Maniac and Banana Split with great foresight (and pointing ability) ignored traditional values and took the counterclockwise course around the Island. This turned out to be the wise choice as it did cut off a good bit of tacking. I just knew if I followed that same path, the wind would shift a couple degrees and we would be making "baby tacks" on the north end of the Island. The rest of the fleet gutted it out, found that little bit extra, continued on tacking and rounded clockwise. Never break tradition!
Once the upwind course was completed, it was a downhill ride. We could shake out our reefs (those of us who put them in) and just coast back home. This would be the day! Kat and I in Comfortably Numb crossed the finish line with no one in front of us! However, I guess I have to add that there were 3 boats that had already finished, stowed their sails and had headed back to port when we crossed the line! Congratulations to Maniac, Banana Split, and Dutchess for finishing in the top three. All flew spinnakers and did an outstanding job (was that an actual rooster tail coming from behind Maniac?)
There were still 4 more boats on the course and not seeing anyone coming, we decided to go check on the rest (under engine power of course!) Finally Endurance and Wavelength came into view. As we passed Endurance Anthony stated, "we have casualties back there!" So we continue on but very soon, Food Acres and Enchantress come into view. Rodger saluted and affirmed, "all present and accounted for, sir!" They had gone back a little ways to pull Enchantress off the final grounding of the day!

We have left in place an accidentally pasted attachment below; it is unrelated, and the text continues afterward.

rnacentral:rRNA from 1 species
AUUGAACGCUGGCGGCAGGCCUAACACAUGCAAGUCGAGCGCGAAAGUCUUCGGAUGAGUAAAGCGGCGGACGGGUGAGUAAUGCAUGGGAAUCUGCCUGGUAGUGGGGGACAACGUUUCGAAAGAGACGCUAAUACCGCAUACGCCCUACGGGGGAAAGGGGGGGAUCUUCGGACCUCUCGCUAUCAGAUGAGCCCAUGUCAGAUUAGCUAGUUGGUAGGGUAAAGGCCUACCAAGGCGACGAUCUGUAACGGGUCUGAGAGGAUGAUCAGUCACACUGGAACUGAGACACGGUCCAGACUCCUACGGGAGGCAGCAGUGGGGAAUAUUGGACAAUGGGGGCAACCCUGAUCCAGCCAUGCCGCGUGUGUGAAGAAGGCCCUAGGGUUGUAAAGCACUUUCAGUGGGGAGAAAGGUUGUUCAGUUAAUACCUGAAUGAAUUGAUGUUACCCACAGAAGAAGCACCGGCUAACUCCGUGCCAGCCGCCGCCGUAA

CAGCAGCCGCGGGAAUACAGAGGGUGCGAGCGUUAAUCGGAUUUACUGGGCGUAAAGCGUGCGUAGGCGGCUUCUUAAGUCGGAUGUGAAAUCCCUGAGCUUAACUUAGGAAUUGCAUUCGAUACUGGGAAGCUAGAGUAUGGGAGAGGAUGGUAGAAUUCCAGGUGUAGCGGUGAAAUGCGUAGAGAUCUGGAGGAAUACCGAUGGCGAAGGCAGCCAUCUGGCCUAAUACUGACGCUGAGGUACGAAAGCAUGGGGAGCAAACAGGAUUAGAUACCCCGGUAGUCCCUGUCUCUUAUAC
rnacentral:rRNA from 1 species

Hats off to Robert, Anthony, and Andre, who all single handed their boat in some intense conditions - Andre even flew the spinnaker with the assistance of "Miss Tilly" (Autohelm autopilot). Excellent job of sailing by David Freye who gives credit to his crew- son Christopher and his friend Eric Phipps. Sailing by himself he said probably would have meant a heart attack! Great job by Rodger and Annie going back for Enchantress - even though we could officially score both a DSQ, the race committee is generous in our quest for the Island. Greg and Debbie Hollis did well also with their family aboard. And of course, the Chambers' - what can we say but great job again? There is talk about the resurgence of the Alliance! Finally with the benefit of writing this, I would like to thank my wife Kat, who sailed in her first Shackleton race ever, hung tough, did a great job at the sheets, and most importantly didn't bail when finding out the course length, "we're sailing how far?" Yes, today, WAS, the day!
Thanks to Rodger and David for the pictures.
*Rodger was given 20 minutes in time for going back to pull Enchantress off a mud bar.
POINT STANDINGS AFTER RACE 2